Sunday, July 8, 2007

Market Transparency

Transparency. It's a loaded word. How much of it exists in the land of All Things Real Estate Related?

After the DOT COM crash of 2002 and the subsequent ridiculous mess that was WorldCom and Enron, regulators in the US got serious about transparency and shareholder accountability. This is a good thing. Up here in the Great White North, we took things a bit less seriously, but made changes none the less. I might remind you that Canadians were involved at the heart of both Enron and WorldCom collapses; both as shareholders and executives. Our political system up here has resulted in 13 securities regulators all effectively working against each other under the auspicious umbrella of the Ontario Securities and Exchange Commission. This may change with Canada's New Government TM now finally taking a look at it. But what of real estate?

Real Estate is another self-regulated industry. Banks have effective control over mortgages and who gets one. But, especially in the past several decades, new lenders have emerged, many targeted towards the much more lucrative developer mortgage lending products. That industry is also self-regulated. What does all this mean? I'm not sure, but I'd wager that things really aren't all that transparent in this country when it comes to real estate buying, selling and investing in real estate-backed securities.

So where am I going with all this? Well, if (hypothetically :) ) 1981 happens all over again--you know, people lose their homes because they can't make their payments because interest rates went up--who is going to protect the consumer? Say you follow MSM coverage of the real estate market, you talk to a few Realtors, you check the MLS statistics and go read the CREA website, one could be considered fairly well "educated" about the state of the market, right? But what if those numbers suffer from similar "accounting irregularities" like those found in the files of Enron and WorldCom? What then?

We know for fact that Realtors have the ability to manipulate sales information. We know that it happens, but we don't know the true extent of it. Some may argue it's a limited problem, others may argue it is so common that it has become an accepted method of doing business. Either way, manipulation of true statistics is fraudulent. Is reducing our capacity to count stats also a form of reduced transparency? Now before you go getting your knickers in a knot, I am not suggesting that MLS is attempting to cut bloggers out of the picture. But is it not convenient that the new system of listings makes it very difficult, if not impossible, to track numbers that may already be manipulated before they are released?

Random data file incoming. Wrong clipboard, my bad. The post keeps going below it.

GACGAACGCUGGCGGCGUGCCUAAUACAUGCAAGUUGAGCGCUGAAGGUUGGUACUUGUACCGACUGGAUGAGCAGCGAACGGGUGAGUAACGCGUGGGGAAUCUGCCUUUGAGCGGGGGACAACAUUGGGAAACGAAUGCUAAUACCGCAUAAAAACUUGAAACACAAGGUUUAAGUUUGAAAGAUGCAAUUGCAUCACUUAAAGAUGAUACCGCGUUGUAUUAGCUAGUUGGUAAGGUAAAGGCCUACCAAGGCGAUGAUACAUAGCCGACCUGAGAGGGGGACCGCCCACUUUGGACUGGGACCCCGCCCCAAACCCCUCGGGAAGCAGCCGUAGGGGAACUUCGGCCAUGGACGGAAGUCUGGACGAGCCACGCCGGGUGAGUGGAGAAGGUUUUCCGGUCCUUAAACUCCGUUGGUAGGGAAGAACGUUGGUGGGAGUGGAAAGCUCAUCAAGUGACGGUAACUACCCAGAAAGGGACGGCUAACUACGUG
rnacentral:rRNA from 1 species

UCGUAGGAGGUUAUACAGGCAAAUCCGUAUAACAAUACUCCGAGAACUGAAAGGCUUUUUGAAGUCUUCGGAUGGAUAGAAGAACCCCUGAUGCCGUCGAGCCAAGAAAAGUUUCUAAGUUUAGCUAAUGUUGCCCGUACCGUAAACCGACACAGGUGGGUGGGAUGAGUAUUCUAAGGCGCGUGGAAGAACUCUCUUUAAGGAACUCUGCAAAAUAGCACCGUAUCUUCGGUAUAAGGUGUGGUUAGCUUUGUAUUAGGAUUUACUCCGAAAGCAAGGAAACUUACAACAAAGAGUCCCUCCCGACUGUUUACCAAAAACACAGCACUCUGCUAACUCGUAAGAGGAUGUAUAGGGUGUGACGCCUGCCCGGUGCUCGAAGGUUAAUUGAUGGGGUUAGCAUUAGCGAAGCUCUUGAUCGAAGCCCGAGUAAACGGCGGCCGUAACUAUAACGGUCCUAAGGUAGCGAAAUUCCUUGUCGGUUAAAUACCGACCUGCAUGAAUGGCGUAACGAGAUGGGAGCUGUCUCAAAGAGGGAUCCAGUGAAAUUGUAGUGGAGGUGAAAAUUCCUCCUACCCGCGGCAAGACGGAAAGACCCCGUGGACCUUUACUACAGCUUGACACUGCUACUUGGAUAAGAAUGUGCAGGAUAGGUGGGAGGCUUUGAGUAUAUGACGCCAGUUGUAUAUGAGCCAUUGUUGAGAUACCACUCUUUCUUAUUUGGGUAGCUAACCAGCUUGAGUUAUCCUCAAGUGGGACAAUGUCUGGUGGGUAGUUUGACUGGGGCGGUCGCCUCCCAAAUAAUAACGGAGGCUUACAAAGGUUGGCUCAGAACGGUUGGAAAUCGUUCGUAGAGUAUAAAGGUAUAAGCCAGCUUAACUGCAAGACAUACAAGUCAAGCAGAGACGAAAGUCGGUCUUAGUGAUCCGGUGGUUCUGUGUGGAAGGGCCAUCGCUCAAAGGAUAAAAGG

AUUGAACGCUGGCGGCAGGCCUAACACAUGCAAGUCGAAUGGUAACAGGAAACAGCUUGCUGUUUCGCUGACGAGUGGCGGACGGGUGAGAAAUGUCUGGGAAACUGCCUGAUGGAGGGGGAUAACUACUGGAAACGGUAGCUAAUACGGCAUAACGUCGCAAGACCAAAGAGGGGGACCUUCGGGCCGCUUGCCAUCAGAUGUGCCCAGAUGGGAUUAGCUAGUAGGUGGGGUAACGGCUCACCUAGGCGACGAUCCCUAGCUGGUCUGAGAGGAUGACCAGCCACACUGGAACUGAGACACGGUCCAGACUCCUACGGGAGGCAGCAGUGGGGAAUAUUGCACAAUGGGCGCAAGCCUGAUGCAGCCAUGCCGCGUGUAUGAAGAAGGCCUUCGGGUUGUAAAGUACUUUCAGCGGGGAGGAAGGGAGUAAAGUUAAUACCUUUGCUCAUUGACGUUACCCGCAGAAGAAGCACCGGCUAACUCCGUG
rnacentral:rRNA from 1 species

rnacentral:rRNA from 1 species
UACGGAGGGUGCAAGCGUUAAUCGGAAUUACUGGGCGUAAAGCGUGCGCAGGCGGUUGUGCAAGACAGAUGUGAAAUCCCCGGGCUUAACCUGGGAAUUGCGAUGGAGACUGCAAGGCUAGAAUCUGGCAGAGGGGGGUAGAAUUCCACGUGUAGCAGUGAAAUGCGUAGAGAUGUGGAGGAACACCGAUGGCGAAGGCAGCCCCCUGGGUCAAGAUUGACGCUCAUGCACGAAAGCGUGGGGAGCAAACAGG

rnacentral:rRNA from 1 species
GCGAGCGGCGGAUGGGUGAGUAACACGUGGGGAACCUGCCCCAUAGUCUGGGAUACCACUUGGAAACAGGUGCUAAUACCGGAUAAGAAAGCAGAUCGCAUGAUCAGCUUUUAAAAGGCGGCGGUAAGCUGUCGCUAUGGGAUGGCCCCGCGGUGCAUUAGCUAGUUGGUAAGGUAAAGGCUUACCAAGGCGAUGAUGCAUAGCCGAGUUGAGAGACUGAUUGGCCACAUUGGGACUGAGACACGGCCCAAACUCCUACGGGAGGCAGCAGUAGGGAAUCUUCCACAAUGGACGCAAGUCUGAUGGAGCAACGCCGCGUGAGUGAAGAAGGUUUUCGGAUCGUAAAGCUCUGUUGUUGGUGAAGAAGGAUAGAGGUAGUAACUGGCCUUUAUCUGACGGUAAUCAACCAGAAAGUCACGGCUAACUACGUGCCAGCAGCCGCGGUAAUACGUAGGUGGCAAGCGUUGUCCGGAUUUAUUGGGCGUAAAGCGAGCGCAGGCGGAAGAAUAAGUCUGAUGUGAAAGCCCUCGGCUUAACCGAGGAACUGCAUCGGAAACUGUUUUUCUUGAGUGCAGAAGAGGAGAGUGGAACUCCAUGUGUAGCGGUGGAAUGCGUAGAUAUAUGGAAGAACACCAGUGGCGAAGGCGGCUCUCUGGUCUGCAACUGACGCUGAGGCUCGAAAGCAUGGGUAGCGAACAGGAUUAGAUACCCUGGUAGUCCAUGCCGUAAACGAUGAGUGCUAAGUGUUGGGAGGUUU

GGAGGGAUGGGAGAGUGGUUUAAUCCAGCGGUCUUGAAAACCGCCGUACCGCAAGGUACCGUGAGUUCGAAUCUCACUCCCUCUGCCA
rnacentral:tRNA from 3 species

My argument is this: the numbers MLS reports through CREA and local RE Boards are not really complete. They can't be. They ignore new product sales and listings that aren't sold through MLS. Yet because they represent the majority--to what extent we can't be completely sure--of listings and sales in any given RE market, they are the accepted authority in the MSM on the state of the RE markets around the nation. How the heck do we get around this? I'd really like to see some pro-active discussion about how this time the consumer can beat out the market to force a review of the way that our self-regulated RE industry reports its numbers.


JMK said...

BC Assessments has all this data. Perhaps you could write your MLA and suggest they compile it monthly like the VREB does? It probably is 1 day to set up the DB enquiry and 30 mintues a month to run it and compile into a table.

Anonymous said...

I was going to say, get the government to lawfuly force any house being sold (& its particulars - x bedrooms, age, new development, type, etc) & database it; then provide the public access to this information on a website.

If BC Assessment has that data, then great! But note that they (for reasons I don't quite understand) hide all the house pricing info after March 15th of each year.

Further to that, they currently do allow you to walk into the office & request they provide you with a data dump of some property, but at a small fee ($10 to $20? I forget now)... but ultimately, I think these fees (and there are various services they provide) is how they are in part funded.